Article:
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From:Kiss Dániel Date:September 12 2010 5:47pm
Subject:Unique ID's across multiple databases
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Hi,

I'm designing a master-to-master replication architecture.
I wonder what the best way is to make sure both databases generate unique
row ID's, so there won't be ID conflicts when replicating both directions.

I read on forums about pro's and con's using UUID's, also about setting the
*auto-increment-increment *and *auto-increment-offset* system variables.
I'm not a fan of UUID's for this purpose. They are two big, slow to
generate, and they don't 100% guarantee global uniqueness anyway.
On the other hand, the *auto-increment-offset *trick limits the number of
possible databases in the system in advance, which is not so nice.

So, I'm thinking about a composite unique ID system, where the value of the
*server-id *system variable is always a part of the ID. The server-id has to
be set uniquely anyway for any replication architecture in MySQL.

A sample would look like this:

CREATE TABLE SampleParents (
ID INT UNSIGNED NOT NULL AUTO_INCREMENT,
SID SMALLINT UNSIGNED NOT NULL,

SampleData VARCHAR(50) NOT NULL,

PRIMARY KEY (ID, SID)) ENGINE=InnoDB;

CREATE TABLE SampleChildren (
ID INT UNSIGNED NOT NULL AUTO_INCREMENT,
SID SMALLINT UNSIGNED NOT NULL,

SampleParentID INT UNSIGNED NOT NULL,
SampleParentSID SMALLINT UNSIGNED NOT NULL,

SampleData VARCHAR(50) NOT NULL,

PRIMARY KEY (ID, SID),
KEY (SampleParentID, SampleParentSID),

CONSTRAINT FOREIGN KEY (SampleParentID, SampleParentSID) REFERENCES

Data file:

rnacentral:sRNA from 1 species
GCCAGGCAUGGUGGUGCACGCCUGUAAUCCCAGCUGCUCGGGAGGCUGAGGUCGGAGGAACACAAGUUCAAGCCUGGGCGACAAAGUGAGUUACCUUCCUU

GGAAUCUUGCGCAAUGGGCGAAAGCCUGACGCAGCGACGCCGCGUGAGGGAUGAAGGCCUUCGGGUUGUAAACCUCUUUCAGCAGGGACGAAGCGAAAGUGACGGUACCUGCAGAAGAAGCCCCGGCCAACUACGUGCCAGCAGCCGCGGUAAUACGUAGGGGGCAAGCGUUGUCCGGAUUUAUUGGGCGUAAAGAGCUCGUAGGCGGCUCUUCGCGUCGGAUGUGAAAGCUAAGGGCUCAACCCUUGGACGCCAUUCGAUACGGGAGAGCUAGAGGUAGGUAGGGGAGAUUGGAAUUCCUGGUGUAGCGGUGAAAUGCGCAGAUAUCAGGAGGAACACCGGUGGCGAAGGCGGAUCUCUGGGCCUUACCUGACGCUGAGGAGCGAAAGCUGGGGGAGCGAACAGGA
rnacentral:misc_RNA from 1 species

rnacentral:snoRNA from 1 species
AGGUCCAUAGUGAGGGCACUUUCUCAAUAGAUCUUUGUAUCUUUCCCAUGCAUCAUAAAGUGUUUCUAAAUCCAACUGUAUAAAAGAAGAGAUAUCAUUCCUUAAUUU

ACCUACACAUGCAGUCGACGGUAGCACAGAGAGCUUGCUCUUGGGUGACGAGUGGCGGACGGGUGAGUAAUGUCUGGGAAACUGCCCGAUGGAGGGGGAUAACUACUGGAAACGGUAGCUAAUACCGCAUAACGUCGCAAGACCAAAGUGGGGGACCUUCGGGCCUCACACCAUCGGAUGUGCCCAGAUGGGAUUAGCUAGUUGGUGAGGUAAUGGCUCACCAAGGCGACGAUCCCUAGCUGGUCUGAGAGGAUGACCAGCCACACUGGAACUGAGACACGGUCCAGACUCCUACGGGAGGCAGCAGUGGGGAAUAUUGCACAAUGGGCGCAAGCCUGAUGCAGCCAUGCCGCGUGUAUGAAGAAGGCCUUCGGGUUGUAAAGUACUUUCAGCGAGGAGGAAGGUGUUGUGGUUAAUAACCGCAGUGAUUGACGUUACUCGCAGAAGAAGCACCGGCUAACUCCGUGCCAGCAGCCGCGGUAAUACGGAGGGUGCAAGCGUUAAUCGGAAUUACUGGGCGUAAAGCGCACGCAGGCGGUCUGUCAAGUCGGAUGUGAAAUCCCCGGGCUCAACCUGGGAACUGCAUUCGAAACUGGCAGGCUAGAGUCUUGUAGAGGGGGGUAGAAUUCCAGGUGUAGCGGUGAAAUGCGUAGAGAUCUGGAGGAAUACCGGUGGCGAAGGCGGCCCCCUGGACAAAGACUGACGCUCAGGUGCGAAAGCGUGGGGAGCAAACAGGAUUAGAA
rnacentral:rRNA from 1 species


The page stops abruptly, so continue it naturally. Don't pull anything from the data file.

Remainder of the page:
SampleParents (ID, SID)) ENGINE=InnoDB;

Where SID is always filled with the value of the @@server_id global variable
according to the server where the record is created.

How I see it is that it has the following advantages.

   - The ID+SID pair guarantees pripary key uniqueness within the
   replication array.
   - Auto_increment is a magnitude faster than generating UUID's.
   - SID adds only 2 bytes in this case to the size of the primary key item.
   It can be even 1 byte if I'm sure I'll never exceed maximum 255 servers. But
   anyhow, it is still way smaller than the 16 byte of a UUID field, even if
   using BIGINT's.
   - Keeps the efficiency of the primary key indexing, because the key is
   still very close to a strictly incremental value.

Well, you can see what the obvious disadvantage is:

   - Primary and foreign keys are always double fields. This is not so
   convinient when you are joining tables and add the WHERE clauses to your
   queries. It might even negatively affect the evaluation speed of join
   conditions, although I have no idea yet, how much. (My gut feeling is that
   it's not a big issue, due to the good query optimizer of MySQL.)

My question is. Does anyone have any better idea, how to approach this
problem?

Thanks,

Thread
Unique ID's across multiple databasesKiss Dániel12 Sep
  • Re: Unique ID's across multiple databasesMarcus Bointon12 Sep
    • Re: Unique ID's across multiple databasesMax Schubert12 Sep
  • RE: Unique ID's across multiple databasesJerry Schwartz13 Sep